Leeds & West Yorkshire

Mother describes 'awful tragedy' of boys' fire deaths

House on Alder Street
Image caption The fire started at the property on Alder Street on 20 February 2016

A woman whose two sons died in a fire at their home which had no smoke alarms does not think she will recover from the "awful tragedy", a court heard.

Three-year-old Logan Taylor and his brother Jake, two, died in the blaze in Fartown, Huddersfield in February 2016.

An impact statement from Emma Taylor was read to Leeds Crown Court during a sentencing hearing for Kamal Bains.

Bains, head of a property firm which managed the rented home, has admitted breaching health and safety law.

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The 51-year-old had been on trial accused of manslaughter over his alleged failure to provide smoke alarms for the property, but these charges were later dropped.

On Monday he pleaded guilty to breaching health and safety law.

Image caption It's believed the blaze spread rapidly in the upstairs of the property

In her statement, Ms Taylor said: "I don't think I will ever recover from this awful tragedy. The worst thing is I won't get to see my boys grow up."

Discussing the impact on the boys' surviving brother, father Jamie Casey said in his statement: "How do you explain to an eight-year-old that they're not coming home?"

During the trial, Ms Taylor told a jury she asked Bains "time after time" to fit fire alarms at the house he managed in Alder Street.

Ms Taylor previously said: "I was fed up with my kids living in danger because he can't be bothered to fit a smoke alarm.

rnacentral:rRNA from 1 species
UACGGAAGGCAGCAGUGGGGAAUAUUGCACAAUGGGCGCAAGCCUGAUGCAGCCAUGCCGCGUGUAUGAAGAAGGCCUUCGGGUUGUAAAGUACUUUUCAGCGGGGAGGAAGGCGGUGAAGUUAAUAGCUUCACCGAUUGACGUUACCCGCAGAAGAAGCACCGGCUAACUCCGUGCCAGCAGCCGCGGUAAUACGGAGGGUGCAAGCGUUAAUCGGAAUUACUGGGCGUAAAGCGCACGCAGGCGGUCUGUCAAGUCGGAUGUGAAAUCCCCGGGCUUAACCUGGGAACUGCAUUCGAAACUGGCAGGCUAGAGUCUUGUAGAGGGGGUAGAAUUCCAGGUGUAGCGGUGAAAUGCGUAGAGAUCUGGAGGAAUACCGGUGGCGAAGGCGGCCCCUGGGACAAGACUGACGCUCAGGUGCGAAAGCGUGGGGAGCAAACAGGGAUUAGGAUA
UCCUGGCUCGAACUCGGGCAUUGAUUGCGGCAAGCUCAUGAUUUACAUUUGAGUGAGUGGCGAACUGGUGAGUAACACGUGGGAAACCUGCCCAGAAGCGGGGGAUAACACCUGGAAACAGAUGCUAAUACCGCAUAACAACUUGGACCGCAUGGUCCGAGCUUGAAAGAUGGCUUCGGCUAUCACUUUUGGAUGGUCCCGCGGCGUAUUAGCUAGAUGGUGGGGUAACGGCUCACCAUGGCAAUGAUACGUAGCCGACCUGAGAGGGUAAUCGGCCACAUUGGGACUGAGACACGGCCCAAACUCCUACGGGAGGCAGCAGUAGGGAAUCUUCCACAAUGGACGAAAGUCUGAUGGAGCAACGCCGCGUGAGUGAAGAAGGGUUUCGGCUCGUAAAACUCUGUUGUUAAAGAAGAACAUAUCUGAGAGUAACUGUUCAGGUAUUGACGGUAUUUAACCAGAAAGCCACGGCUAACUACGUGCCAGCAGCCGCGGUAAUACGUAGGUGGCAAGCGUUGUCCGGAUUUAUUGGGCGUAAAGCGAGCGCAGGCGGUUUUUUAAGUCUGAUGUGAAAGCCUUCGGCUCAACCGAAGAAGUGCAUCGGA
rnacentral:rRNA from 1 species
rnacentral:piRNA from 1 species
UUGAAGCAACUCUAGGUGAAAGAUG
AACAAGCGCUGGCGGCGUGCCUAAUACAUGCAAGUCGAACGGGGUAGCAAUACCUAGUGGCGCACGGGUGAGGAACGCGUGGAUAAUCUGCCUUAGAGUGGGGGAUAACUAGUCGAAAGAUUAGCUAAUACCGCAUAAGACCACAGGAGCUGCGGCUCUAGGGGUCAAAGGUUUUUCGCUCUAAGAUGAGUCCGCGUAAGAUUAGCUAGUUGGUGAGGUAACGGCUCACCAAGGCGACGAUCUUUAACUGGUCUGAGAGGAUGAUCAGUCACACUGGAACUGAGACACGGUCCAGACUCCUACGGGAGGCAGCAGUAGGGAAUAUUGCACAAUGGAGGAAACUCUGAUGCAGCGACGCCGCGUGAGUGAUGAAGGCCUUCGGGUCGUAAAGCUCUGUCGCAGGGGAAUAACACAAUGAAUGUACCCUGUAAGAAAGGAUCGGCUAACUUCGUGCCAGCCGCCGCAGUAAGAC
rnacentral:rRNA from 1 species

"He said he would do it but he never did."

Image caption The hearing at Leeds Crown Court heard impact statements from the family, with sentencing due to take place on Wednesday

Mr Bains was director at now-defunct Prime Property Estates (Yorkshire), which maintained 140 homes in Huddersfield on behalf of private landlords for 10% of the rent.

Fire investigators found the blaze at the three-bedroom semi-detached house started with an electrical fault in a TV in the boys' bedroom.

Bains told police smoke alarms had been installed, but fire investigators found no trace, the court previously heard.

Prosecutor Allan Compton said the deaths were "eminently avoidable" and told the jury tests showed Ms Taylor would have had time to rescue her two boys if an alarm had been fitted.

The court also heard her "desperate" attempts to rescue her sons were unsuccessful when she was beaten back by smoke and flames.

Bains is due to be sentenced on Wednesday.

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